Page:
All Set: Volleyball Seems to Be Everywhere in Central Florida
There isn’t an official moment in time when volleyball became a big deal. More like continual drops in the bucket. And now comes the proverbial flood. Here, there and everywhere, there is volleyball.
And Central Florida is at the epicenter.
- The 2022 USA Volleyball Open National Championship will be staged in Central Florida again at the Orange County Convention Center from May 27 through June 1.
- The 49th Amateur Athletic Union (AAU) Girls’ Junior National Volleyball Championships will be staged at the Orange County Convention Center from June 15-26.
- The AAU Boys’ Junior National Championship will be staged at the Orange County Convention Center June 27 through July 1.
And while the convention center is a logical venue to hold large-scale events, Central Florida has a wide range of options for youth and adults to play indoor and beach volleyball.
How did this all happen? It feels like soccer 20 years ago when everybody’s kid was playing but there was no platform for big Super Bowl-esque activity. When I talk to my friends and family, it seems that every single kid is playing volleyball today.
Here, there and everywhere. The sport is now estimated to be played by more than 800 million globally.
“We’ve continued to see this growth pattern across the entire country,” says Steve Bishop, president and executive director of the Florida Region of USA Volleyball Inc., the national governing body for the sport in the United States. “In the high school realm, volleyball has now surpassed basketball as the number one girls’ team sport, and basketball held that distinction for almost forever. We have 450,000 girls playing high school volleyball, and about 300,000 of them are playing club volleyball. Some also play with AAU. Most of the ones who play at the high level are playing with USA Volleyball across the country. It’s not a real surprise.”
The indoor game – six-on-six players – is the traditional form of the sport. But outdoor beach volleyball – or the “sand game,” featuring two-on-two – is gaining traction quickly.
Beach volleyball was reportedly first played in 1915 on Waikiki Beach in Hawaii, evolving to the point of widestream acceptance when it became an Olympic sport in the summer of 1996 in Atlanta.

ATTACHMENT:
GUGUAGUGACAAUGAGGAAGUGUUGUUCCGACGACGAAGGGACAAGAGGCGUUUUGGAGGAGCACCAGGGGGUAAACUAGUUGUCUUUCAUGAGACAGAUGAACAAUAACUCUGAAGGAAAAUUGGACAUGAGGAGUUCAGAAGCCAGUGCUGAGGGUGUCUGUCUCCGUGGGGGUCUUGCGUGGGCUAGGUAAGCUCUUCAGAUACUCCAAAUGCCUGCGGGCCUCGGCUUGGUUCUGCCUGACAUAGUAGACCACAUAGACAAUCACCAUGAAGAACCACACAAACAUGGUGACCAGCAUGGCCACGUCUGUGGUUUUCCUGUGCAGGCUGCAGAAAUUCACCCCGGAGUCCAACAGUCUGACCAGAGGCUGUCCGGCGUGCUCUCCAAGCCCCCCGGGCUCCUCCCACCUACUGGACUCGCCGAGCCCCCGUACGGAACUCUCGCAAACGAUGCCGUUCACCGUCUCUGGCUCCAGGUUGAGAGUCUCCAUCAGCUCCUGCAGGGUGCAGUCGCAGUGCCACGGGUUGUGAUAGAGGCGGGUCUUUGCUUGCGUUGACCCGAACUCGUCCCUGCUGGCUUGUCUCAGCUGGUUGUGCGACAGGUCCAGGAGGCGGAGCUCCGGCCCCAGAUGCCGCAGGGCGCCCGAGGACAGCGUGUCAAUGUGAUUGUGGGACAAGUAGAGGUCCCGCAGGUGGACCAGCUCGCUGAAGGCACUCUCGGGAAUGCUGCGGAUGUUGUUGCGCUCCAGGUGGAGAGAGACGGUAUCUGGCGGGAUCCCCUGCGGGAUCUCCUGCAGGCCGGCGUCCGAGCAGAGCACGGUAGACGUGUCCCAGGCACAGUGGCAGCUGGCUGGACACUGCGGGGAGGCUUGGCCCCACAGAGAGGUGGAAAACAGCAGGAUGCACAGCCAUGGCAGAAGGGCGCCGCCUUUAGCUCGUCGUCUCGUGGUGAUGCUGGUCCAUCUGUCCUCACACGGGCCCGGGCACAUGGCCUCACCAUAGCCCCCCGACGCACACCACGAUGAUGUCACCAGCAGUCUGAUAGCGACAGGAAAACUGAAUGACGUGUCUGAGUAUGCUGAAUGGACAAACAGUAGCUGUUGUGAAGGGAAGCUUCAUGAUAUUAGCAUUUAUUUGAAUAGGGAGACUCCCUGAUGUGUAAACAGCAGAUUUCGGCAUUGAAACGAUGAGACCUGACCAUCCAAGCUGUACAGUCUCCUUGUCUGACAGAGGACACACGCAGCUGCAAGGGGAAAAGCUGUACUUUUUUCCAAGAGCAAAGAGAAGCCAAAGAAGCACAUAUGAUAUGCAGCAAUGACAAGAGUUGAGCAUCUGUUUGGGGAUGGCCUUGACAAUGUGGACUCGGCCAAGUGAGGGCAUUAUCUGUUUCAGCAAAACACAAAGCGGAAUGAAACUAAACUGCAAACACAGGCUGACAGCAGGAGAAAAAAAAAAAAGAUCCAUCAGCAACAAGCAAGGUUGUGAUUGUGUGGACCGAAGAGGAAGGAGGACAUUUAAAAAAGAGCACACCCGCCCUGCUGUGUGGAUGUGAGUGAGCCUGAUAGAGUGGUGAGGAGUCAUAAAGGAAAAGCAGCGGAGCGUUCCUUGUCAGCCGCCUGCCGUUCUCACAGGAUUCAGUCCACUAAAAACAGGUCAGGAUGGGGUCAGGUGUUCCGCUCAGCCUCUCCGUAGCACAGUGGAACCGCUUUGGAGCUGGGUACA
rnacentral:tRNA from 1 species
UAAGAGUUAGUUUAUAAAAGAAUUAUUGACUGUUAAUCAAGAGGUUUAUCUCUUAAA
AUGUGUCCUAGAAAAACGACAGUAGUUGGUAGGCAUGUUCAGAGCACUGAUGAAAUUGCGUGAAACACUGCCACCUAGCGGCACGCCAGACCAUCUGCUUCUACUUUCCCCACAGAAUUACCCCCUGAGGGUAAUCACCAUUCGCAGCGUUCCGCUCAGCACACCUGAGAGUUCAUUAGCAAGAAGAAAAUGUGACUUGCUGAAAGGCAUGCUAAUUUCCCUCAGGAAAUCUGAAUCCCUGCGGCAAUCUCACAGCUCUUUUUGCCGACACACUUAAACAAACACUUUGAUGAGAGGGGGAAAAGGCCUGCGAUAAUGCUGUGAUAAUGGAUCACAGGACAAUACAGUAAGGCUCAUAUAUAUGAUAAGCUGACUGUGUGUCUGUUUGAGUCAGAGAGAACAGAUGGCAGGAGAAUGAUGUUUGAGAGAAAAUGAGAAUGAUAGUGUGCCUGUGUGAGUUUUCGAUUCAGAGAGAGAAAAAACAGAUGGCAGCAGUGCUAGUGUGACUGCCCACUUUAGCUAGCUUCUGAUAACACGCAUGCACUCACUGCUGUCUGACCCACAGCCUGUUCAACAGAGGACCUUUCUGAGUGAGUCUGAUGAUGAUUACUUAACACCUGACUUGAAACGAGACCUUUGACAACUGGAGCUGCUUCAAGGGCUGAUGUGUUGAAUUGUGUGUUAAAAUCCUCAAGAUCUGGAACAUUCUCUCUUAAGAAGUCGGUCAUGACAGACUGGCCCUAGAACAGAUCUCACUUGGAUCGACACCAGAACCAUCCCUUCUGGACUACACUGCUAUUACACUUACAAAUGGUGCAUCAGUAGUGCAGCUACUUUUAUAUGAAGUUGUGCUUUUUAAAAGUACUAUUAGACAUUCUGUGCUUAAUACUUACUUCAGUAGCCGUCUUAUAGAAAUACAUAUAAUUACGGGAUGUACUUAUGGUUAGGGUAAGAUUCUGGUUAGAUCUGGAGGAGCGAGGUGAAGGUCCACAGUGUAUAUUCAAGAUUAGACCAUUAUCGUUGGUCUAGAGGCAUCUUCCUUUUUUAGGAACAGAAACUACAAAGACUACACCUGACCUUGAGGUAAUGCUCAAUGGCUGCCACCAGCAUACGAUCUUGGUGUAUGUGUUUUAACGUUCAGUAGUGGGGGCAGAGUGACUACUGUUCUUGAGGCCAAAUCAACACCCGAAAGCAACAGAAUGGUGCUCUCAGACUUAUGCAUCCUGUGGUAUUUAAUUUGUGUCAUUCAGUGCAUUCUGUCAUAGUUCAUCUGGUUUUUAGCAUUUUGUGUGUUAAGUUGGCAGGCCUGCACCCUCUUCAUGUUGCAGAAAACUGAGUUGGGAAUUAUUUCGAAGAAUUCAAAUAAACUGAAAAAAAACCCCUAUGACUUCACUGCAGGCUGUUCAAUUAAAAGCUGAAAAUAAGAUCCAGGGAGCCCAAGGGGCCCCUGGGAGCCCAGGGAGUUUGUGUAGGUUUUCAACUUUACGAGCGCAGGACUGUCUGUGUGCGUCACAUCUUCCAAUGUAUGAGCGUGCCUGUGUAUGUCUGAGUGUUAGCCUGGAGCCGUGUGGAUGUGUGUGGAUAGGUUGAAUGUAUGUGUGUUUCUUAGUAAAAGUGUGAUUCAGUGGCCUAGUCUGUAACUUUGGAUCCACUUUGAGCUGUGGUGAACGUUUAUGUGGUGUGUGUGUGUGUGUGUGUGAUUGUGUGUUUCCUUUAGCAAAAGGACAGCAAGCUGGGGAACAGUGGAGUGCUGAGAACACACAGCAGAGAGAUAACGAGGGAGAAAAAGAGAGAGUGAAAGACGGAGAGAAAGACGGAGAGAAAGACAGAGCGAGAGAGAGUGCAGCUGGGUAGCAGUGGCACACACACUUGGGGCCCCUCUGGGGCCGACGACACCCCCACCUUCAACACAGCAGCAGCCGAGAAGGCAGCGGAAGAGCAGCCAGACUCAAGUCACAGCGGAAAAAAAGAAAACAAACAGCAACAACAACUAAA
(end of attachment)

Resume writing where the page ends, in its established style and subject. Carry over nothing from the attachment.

One of the most prominent faces of the sport is Phil Dalhausser. He and his playing partner, Todd Rogers, were 2007 Association of Volleyball Professionals (AVP) Tour and Fédération Internationale de Volleyball (FIVB) world champions. They followed those titles with a gold medal performance at the Beijing 2008 Summer Olympics.
Dalhausser now runs a beach volleyball academy in Lake Nona. “Parents are starting to realize this is the fastest-growing sport in college,” he says. “More and more scholarships are popping up. And girls who are 5-foot-8 or 5-foot-9 and considered undersized for indoor volleyball are perfect for the beach game. More and more schools are picking it up because it’s an inexpensive sport. The up-front costs are mostly the courts.”
Bishop attributes the rise of both sports to “programming and opportunities.” And he can trace his own trajectory. When he established the regional office here in 2004, he said: “We have big dreams and big ideas.” It didn’t quite look that way back then, he says today, “when our office was a person of one. We produced four events a year and that was it.”
The region’s USA Volleyball office now oversees myriad events, including all-star indoor, all-star beach, a whole Paralympic division and a 21-court sand volleyball complex. The office also has a partnership with the convention center for staging events that include the largest USA Volleyball event of the year featuring 650 to 700 teams on 100 courts.
Lake Nona Network
Dalhausser can relate to a similar trajectory. A graduate of Mainland High School in Daytona Beach, he moved back to the area in 2018 along with his wife, Jennifer, and their two children. He picked Lake Nona as the site to set up his volleyball enterprise and then started to network with officials at Tavistock.
“I opened up two volleyball courts and bugged them to run this little academy,” he says, “The rest is history, but it’s been a bit of an uphill battle. Central Florida is dominated by the indoor game, but slowly but surely kids are going to start coming to the sand.” The program at Boxi Park now includes private lessons as well as adult social leagues on Thursday nights where players can grab a beer and a burger and hang out with their buddies.
Central Florida is preparing for another blast of volleyball with the boys’ and girls’ AAU tournaments coming in mid-June. In 2021, the AAU’s combined tournaments marked the largest event to date hosted at the Orange County Convention Center (OCCC), with more than 135,000 attendees across two weeks. The activity created an estimated economic impact of $173.3 million for the region, according to OCCC officials.
Expect more of the same this year.
“They’re going to be bigger and even more remarkable,” says Mark Tester, executive director of the convention center. “I’ve heard that they may even have as many as 4,000 teams or so, which is unbelievable. Just imagine 130,000 people, not necessarily at one time, but flowing in and out of the community. I’m thinking, “How many pizzas are ordered? How many sub sandwiches are ordered? How many souvenirs are bought? And how many family members go to Universal or SeaWorld or Disney or ICON Park during that time? … It’s just tremendous for our economy.”
What’s happening in Orlando is that we’re playing volleyball and supporting it as means of driving revenue for a destination by hosting these events.
Here, there and everywhere, there is volleyball.
Longtime Central Florida sportswriter George Diaz contributed to this report.